Offline flateric

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Re: Future Combat Air System (FCAS)
« Reply #185 on: August 29, 2018, 09:05:21 pm »
one more
"There are many disbelievers in
stealth, more than a few of them truly technically ignorant and proud of it." Sherm Mullin, Skunk Works


Offline fightingirish

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Re: Future Combat Air System (FCAS)
« Reply #187 on: February 28, 2019, 01:58:18 am »
It looks like, that the British-French FCAS project has been canceled.
Quote from: Helen Ch. @ChDefense
Ah. Pour celles et ceux qui se demandent ce qu'est devenu le programme FCAS franco-britannique lancé en novembre 2014 : les travaux ont été arrêtés, confirme Eric Trappier.
Twitter: https://twitter.com/ChDefense/status/1101035355057332224
Quote from: Dominic Perry @fg_domperry
More tests this year on @Dassault_OnAir Neuron demonstrator focused on stealth, confirms CEO Eric Trappier. However work on FCAS with "our British friends" has been discontinued.
Twitter: https://twitter.com/fg_domperry/status/1101035607550296064
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Offline Hood

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Re: Future Combat Air System (FCAS)
« Reply #188 on: February 28, 2019, 08:07:58 am »
This Flightglobal article has a few more snippets, the most important perhaps being that interest from Britain seemed to wane. Even Trappier seems unaware exactly why it fizzled out.
The demonstrator phase was due to start in 2017, so it seems the pullback, perhaps due to funding or change of political interests, took hold before 'Tempest' came on the scene.
It seems some low-level co-operation is being maintained.
It would be too tempting to say the Brexit guillotine imposed by the government that inexplicably cut us from things like Euratom, which had little to do with the EU, had a hand in the unraveling of all the 2010-era Anglo-French defence cooperation initiatives. The truth is probably more nuanced than that.

https://www.flightglobal.com/news/articles/dassault-confirms-end-of-anglo-french-ucav-work-456199/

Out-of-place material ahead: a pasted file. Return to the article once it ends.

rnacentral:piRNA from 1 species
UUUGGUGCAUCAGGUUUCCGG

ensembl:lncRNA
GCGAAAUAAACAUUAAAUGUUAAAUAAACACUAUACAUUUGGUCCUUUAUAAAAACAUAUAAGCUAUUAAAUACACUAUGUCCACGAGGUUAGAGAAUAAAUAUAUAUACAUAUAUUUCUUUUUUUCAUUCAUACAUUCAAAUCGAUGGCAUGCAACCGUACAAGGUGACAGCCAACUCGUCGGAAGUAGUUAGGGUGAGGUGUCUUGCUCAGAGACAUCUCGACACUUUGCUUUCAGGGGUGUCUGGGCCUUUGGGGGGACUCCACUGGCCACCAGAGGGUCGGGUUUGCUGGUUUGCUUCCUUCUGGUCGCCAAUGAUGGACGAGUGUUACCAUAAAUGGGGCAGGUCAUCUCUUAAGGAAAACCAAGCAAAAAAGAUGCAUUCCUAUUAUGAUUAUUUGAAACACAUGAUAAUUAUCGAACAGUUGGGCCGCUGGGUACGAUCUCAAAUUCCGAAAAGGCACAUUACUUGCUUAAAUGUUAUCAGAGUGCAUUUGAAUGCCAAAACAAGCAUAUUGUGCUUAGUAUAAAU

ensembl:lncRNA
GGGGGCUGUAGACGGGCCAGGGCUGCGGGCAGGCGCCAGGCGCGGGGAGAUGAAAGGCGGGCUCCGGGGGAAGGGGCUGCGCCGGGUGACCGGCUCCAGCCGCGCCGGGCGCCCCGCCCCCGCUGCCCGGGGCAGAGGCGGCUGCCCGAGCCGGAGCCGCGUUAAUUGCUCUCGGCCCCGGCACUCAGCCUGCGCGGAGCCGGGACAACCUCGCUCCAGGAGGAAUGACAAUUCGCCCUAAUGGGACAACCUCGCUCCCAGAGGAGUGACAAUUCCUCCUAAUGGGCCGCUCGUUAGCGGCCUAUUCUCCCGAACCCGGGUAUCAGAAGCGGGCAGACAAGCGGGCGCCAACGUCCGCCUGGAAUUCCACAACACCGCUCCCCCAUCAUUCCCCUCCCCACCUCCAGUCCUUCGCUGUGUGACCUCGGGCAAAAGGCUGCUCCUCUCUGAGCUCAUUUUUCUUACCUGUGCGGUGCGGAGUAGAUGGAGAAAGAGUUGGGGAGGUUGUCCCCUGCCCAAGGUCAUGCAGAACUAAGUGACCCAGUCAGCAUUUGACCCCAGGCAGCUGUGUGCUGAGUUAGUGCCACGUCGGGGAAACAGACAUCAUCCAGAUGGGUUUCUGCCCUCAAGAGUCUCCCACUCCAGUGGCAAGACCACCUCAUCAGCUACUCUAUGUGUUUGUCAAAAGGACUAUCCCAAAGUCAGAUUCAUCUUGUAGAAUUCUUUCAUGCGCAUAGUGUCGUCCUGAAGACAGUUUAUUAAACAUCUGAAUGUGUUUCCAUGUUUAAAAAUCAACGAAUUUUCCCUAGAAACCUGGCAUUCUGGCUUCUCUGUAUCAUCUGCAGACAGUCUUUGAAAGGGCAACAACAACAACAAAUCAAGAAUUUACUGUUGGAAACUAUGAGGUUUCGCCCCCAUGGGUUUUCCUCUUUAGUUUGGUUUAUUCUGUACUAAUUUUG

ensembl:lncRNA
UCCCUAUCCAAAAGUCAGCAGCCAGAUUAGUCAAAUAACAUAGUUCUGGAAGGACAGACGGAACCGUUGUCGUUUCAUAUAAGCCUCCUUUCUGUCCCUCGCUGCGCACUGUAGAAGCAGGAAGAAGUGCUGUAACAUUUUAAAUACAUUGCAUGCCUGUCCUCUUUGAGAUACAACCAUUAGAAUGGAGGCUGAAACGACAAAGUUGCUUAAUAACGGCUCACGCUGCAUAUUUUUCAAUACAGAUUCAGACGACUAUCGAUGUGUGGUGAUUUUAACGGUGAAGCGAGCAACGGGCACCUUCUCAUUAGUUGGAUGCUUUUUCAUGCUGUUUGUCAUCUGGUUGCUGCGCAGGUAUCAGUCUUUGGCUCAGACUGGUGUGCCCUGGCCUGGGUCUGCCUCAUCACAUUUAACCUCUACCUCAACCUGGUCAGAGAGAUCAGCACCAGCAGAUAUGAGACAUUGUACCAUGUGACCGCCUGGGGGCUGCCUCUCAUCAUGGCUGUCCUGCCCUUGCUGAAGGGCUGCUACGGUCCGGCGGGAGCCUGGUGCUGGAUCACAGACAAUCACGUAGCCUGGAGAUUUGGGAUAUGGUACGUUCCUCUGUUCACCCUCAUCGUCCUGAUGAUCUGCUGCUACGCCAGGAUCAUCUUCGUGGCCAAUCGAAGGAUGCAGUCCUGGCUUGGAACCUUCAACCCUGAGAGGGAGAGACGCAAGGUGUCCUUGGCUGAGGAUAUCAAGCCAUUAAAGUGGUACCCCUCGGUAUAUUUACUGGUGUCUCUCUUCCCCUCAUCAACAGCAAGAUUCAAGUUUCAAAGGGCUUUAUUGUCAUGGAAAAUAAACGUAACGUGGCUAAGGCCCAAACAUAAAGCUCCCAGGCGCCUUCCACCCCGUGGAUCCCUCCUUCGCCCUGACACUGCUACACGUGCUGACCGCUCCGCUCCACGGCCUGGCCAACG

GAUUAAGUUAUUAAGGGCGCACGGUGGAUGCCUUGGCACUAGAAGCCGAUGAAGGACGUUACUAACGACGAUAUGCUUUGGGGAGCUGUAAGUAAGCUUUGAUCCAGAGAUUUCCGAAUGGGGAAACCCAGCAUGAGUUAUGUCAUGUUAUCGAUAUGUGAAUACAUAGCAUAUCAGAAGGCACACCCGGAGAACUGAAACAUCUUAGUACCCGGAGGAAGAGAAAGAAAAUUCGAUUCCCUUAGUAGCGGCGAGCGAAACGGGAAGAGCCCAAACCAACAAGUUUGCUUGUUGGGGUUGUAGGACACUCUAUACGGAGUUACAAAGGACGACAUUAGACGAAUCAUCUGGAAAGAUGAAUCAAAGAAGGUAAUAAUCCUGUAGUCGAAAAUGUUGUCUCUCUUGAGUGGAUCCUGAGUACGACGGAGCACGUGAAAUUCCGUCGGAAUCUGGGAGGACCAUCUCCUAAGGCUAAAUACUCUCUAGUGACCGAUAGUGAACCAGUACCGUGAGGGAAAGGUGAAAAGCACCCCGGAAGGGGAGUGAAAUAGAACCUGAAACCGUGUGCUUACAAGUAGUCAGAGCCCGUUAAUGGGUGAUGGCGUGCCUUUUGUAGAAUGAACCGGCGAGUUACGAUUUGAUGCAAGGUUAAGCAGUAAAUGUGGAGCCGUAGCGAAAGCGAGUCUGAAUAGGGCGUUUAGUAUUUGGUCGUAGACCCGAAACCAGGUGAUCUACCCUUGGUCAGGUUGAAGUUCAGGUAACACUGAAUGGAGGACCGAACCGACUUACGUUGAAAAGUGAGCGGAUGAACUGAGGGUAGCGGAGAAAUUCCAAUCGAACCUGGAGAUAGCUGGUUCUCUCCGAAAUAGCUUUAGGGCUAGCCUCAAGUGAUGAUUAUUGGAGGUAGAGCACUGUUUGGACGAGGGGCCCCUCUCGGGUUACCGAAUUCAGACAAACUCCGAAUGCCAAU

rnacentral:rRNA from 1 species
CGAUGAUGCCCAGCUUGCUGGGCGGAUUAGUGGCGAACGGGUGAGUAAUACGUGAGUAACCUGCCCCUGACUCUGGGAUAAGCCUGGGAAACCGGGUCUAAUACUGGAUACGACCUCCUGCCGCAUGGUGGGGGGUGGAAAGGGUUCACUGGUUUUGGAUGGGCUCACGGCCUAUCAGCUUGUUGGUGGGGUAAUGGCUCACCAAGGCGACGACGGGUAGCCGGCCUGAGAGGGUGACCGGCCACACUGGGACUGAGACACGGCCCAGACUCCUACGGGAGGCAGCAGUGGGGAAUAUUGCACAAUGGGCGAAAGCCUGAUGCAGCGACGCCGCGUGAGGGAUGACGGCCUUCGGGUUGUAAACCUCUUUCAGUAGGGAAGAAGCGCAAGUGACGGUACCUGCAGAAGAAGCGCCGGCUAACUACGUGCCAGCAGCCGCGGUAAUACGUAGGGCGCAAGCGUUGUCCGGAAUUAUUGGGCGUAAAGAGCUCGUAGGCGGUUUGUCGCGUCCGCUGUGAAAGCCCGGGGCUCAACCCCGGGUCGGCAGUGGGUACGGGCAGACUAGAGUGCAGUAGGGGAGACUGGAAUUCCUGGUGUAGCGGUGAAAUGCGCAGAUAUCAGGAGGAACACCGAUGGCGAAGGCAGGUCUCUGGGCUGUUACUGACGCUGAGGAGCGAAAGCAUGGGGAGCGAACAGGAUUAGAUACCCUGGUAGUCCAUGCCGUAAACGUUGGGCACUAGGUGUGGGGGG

Offline red admiral

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Re: Future Combat Air System (FCAS)
« Reply #189 on: February 28, 2019, 09:25:12 am »
The historians will have fun reading through the emails and PowerPoint, and interviewing in the future. The reasons for this will be pretty obvious.

Offline FighterJock

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Re: Future Combat Air System (FCAS)
« Reply #190 on: February 28, 2019, 10:04:11 am »
The historians will have fun reading through the emails and PowerPoint, and interviewing in the future. The reasons for this will be pretty obvious.

Don't get me started on the B word red admiral.   >:(

Offline Harrier

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Re: Future Combat Air System (FCAS)
« Reply #191 on: February 28, 2019, 11:27:12 am »
The historians will have fun reading through the emails and PowerPoint, and interviewing in the future. The reasons for this will be pretty obvious.

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Offline Hood

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Re: Future Combat Air System (FCAS)
« Reply #192 on: March 01, 2019, 01:18:42 am »
Trappier seems to be laying out the arguments for not letting anyone interfere with his company's project. "One company or one country" sounds easy, but Dassault and Airbus are not one company (yet) and that assumes that the AdA and Luftwaffe have the same requirements in mind.
The cynic would say how would Dassault know about the multinational experience having not been part of one since the 1960s!

https://www.flightglobal.com/news/articles/dassault-chief-warns-on-creating-eurofighter-20-f-456242/


The historians will have fun reading through the emails and PowerPoint, and interviewing in the future. The reasons for this will be pretty obvious.

I very much doubt much of the electronic source material will ever find its way to Kew or the company archives for us to read about. With 50 years to wait plus however long the Tempest is in service for (the 2040 introduction is barely halfway through the embargo period) we will all be dead or doddery old centenarians before we get the inside story. Hopefully our children or grandchildren will pick up the aviation historian bug and go have a look for us, assuming the software exists to read the files.
« Last Edit: March 01, 2019, 01:27:28 am by Hood »

Offline TomcatViP

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Re: Future Combat Air System (FCAS)
« Reply #193 on: March 01, 2019, 03:48:54 am »
You're too pessimistic (but I agree that the matters discussed in the latter posts brings anyone easily into this). In 50y from now, the SP forum will still be hotly debated by yet to be born forumers.
« Last Edit: March 01, 2019, 03:59:03 am by TomcatViP »

Offline Deltafan

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Re: Future Combat Air System (FCAS)
« Reply #194 on: March 01, 2019, 07:28:15 pm »
The cynic would say how would Dassault know about the multinational experience having not been part of one since the 1960s!